Jill Lepore is a Harvard historian, New Yorker writer, and prolific author.
Her most recent book, These Truths,, is an ambitious attempt at a one-volume history of the US. (I wrote she is prolific, so prolific that she has another book out this year.)
I've just completed her section on the Constitutional Convention, in which I found the error. Discussing the conflict over the treatment of slaves, as persons deserving representation or as property supporting taxation, she writes: "The convention was very nearly at an impasse, broken only by a deal involving the Northwest Territory--a Northwest Ordinance...[prohibiting slavery north of the Ohio and not south] This measure passed on July 13. Four days later, the convention adopted...the Connecticut Compromise [the 3/5 count for both representation and taxation]."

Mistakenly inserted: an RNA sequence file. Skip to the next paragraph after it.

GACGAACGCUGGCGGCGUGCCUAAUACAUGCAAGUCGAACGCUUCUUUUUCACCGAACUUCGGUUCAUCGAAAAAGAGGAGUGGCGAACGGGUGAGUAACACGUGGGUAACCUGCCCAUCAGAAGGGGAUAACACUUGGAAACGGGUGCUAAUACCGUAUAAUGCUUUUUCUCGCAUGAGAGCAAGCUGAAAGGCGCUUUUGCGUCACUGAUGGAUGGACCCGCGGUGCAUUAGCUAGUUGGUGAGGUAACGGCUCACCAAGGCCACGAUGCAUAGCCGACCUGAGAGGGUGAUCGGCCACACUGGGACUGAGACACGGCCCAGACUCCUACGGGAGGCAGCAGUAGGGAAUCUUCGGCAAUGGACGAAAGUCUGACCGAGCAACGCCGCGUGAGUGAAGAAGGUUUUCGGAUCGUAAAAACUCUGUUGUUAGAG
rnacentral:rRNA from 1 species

What's wrong here? All the facts are right, so maybe "wrong" is too strong. But the implication, and I suggest the meaning people will take from the passage, is that the Constitutional Convention passed the Northwest Ordinance. Not so--Congress operating under the Articles of Confederation enacted the Ordinance. Because both bodies were meeting in Philadelphia the passage of the Ordinance may have been relevant to the proceedings in the convention,